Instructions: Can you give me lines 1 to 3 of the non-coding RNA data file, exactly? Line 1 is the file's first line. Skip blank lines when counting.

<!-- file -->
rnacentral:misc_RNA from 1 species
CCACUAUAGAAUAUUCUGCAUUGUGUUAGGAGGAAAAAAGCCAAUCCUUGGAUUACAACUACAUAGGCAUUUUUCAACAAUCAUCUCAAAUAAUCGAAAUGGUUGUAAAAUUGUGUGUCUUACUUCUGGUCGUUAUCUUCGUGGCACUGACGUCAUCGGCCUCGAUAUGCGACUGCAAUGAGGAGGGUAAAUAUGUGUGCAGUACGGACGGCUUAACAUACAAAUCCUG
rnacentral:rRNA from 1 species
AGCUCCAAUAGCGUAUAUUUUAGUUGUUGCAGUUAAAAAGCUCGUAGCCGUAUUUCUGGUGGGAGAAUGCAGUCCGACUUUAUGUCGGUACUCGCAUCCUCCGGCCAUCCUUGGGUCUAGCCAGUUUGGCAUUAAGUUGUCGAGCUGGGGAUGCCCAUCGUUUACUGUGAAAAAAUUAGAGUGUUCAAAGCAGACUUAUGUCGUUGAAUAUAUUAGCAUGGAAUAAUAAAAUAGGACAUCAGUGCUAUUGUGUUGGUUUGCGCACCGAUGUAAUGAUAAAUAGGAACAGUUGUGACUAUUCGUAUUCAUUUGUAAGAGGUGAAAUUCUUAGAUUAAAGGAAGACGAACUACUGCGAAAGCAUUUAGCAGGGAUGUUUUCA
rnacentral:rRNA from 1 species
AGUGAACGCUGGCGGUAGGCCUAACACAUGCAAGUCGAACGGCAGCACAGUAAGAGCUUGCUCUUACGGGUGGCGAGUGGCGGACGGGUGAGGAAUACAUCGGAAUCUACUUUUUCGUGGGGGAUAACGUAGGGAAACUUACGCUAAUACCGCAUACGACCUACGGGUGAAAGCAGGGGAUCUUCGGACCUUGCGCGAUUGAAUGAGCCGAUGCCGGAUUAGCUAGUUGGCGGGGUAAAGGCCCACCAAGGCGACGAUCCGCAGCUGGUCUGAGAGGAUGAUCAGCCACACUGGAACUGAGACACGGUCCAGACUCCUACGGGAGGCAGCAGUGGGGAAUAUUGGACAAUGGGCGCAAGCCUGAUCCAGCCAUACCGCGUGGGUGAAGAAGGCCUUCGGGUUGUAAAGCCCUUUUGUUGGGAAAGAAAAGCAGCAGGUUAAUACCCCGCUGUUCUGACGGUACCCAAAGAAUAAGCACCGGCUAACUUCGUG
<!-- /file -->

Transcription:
rnacentral:misc_RNA from 1 species
CCACUAUAGAAUAUUCUGCAUUGUGUUAGGAGGAAAAAAGCCAAUCCUUGGAUUACAACUACAUAGGCAUUUUUCAACAAUCAUCUCAAAUAAUCGAAAUGGUUGUAAAAUUGUGUGUCUUACUUCUGGUCGUUAUCUUCGUGGCACUGACGUCAUCGGCCUCGAUAUGCGACUGCAAUGAGGAGGGUAAAUAUGUGUGCAGUACGGACGGCUUAACAUACAAAUCCUG
rnacentral:rRNA from 1 species